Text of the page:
After the “hanging chad” fiasco during the 2000 presidential recount, many states and counties switched to electronic-only voting machines to modernize their systems. Now, amid security concerns over Russian hackers targeting state voting systems in last year’s election, there’s a renewed focus on shifting to paper ballots. In Virginia, election officials decided last month to stop using paperless touch-screen machines, in an effort to safeguard against unauthorized access to the equipment and improve the security of the state’s voting system. In Georgia, which uses electronic voting machines with no paper record, legislators are discussing getting rid of their aging equipment and using paper ballots instead. In a municipal election this November, officials will test a hybrid electronic-paper system. “States and counties were already moving toward paper ballots before 2016,” said Katy Owens Hubler, a consultant to the National Conference of State Legislatures (NCSL). “But the Russian hacking incident has brought the spotlight to this issue.”
In September, the U.S. Department of Homeland Security notified election officials in nearly two dozen states that their voter registration systems had been targeted by Russian hackers during the 2016 presidential election.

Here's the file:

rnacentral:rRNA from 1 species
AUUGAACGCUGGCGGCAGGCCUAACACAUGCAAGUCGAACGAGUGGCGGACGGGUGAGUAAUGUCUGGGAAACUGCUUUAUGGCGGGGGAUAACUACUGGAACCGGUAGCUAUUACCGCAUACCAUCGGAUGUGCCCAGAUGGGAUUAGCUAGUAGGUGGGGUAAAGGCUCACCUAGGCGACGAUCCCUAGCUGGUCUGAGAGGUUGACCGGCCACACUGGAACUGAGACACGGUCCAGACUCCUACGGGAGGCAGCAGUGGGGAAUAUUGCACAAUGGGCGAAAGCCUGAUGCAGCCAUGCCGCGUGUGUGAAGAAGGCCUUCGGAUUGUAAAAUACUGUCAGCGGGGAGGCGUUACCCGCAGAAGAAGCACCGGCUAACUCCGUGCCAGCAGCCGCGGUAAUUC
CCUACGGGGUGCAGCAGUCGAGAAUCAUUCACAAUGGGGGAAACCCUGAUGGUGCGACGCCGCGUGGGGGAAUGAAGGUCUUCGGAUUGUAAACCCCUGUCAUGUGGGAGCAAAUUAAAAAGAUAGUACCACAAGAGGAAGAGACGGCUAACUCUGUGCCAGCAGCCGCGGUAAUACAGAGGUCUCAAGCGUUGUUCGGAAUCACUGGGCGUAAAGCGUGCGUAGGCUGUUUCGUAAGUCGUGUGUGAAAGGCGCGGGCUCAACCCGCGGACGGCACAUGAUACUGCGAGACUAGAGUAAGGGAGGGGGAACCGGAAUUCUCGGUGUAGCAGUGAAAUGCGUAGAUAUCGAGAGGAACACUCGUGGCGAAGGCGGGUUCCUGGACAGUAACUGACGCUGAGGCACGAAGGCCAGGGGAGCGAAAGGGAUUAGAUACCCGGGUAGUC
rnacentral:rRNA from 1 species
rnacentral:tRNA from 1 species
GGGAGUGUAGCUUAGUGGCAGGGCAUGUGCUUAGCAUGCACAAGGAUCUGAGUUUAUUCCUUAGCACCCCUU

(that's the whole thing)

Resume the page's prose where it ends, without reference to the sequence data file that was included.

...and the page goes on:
While the hackers failed to breach most of the systems, in Illinois, they succeeded in accessing the voter database, and nearly 90,000 records were compromised. And in Arizona, hackers stole an election employee’s username and password, but the system wasn’t compromised, according to the Arizona secretary of state.
The National Association of Secretaries of State said would-be attackers tried to “scan” state computer systems last year, looking for open doors into networks. The secretaries of state, who serve as chief election officials in most states, said no voter information was altered or deleted, and the intruders did not access actual voting machines or devices that tabulate results.
Full Article: Russian Hacking Fuels Return to Paper Ballots.